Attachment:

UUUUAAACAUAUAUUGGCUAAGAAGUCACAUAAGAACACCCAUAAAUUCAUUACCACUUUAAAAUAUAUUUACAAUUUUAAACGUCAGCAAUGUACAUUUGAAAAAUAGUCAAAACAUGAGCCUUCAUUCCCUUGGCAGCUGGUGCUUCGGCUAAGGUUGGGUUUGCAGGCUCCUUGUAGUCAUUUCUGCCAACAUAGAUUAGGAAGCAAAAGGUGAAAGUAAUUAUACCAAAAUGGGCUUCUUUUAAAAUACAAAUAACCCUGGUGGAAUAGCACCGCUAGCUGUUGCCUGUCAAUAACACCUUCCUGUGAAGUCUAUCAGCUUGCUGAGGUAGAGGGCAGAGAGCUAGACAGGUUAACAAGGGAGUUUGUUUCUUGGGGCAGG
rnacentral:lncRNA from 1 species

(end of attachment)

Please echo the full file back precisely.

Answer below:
UUUUAAACAUAUAUUGGCUAAGAAGUCACAUAAGAACACCCAUAAAUUCAUUACCACUUUAAAAUAUAUUUACAAUUUUAAACGUCAGCAAUGUACAUUUGAAAAAUAGUCAAAACAUGAGCCUUCAUUCCCUUGGCAGCUGGUGCUUCGGCUAAGGUUGGGUUUGCAGGCUCCUUGUAGUCAUUUCUGCCAACAUAGAUUAGGAAGCAAAAGGUGAAAGUAAUUAUACCAAAAUGGGCUUCUUUUAAAAUACAAAUAACCCUGGUGGAAUAGCACCGCUAGCUGUUGCCUGUCAAUAACACCUUCCUGUGAAGUCUAUCAGCUUGCUGAGGUAGAGGGCAGAGAGCUAGACAGGUUAACAAGGGAGUUUGUUUCUUGGGGCAGG
rnacentral:lncRNA from 1 species